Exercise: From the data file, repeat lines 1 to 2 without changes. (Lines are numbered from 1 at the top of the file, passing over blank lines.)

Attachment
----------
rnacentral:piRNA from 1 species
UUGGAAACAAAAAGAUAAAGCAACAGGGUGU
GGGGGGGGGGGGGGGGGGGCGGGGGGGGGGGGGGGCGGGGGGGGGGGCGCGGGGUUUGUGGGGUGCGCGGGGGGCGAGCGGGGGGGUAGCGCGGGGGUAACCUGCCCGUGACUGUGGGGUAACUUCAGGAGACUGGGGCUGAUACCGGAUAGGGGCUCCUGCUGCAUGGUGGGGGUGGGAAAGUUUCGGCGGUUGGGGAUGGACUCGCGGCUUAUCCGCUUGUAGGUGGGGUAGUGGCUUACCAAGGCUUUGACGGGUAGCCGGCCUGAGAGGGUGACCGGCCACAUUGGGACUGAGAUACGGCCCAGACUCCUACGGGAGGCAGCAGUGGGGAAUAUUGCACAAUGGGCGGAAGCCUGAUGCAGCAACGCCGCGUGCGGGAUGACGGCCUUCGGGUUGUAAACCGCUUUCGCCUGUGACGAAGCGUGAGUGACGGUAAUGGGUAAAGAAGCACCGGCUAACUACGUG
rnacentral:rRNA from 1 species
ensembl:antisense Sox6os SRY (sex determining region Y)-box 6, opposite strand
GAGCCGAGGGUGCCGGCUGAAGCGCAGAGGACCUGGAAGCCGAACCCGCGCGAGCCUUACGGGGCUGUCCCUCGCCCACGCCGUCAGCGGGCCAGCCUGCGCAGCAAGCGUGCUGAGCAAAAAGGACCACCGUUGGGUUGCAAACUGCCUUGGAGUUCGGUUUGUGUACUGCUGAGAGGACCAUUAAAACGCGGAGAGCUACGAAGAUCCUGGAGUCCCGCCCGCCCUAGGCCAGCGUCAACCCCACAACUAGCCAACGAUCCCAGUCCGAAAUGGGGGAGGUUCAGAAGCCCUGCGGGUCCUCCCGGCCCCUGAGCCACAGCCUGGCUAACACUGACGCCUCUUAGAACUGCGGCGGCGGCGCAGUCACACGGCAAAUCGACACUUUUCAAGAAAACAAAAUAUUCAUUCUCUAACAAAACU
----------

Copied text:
rnacentral:piRNA from 1 species
UUGGAAACAAAAAGAUAAAGCAACAGGGUGU